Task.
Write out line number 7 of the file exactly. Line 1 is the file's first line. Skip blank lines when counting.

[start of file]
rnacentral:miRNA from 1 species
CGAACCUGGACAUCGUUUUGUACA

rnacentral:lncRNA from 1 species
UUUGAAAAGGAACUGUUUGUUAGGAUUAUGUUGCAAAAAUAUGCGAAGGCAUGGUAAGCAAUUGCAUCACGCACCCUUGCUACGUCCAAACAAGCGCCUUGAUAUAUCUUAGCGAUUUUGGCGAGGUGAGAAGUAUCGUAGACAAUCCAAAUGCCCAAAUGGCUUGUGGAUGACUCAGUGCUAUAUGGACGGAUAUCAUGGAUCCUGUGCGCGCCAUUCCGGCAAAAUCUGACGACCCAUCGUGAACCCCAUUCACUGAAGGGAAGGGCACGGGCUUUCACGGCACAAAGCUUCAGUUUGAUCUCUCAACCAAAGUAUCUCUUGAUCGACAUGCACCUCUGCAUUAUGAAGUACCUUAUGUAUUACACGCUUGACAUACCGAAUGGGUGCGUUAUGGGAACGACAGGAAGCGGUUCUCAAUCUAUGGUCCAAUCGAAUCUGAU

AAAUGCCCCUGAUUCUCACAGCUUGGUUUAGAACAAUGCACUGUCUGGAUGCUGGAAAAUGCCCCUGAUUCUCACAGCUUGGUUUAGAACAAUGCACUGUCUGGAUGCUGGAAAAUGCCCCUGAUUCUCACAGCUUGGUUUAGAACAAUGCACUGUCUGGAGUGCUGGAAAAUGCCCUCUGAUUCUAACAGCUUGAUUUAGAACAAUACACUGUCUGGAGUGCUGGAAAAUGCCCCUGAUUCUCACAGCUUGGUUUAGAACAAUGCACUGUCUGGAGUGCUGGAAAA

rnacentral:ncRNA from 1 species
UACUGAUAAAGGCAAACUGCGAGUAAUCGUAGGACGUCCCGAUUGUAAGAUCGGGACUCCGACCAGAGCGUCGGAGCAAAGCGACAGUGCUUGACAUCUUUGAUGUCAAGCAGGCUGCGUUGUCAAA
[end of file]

UACUGAUAAAGGCAAACUGCGAGUAAUCGUAGGACGUCCCGAUUGUAAGAUCGGGACUCCGACCAGAGCGUCGGAGCAAAGCGACAGUGCUUGACAUCUUUGAUGUCAAGCAGGCUGCGUUGUCAAA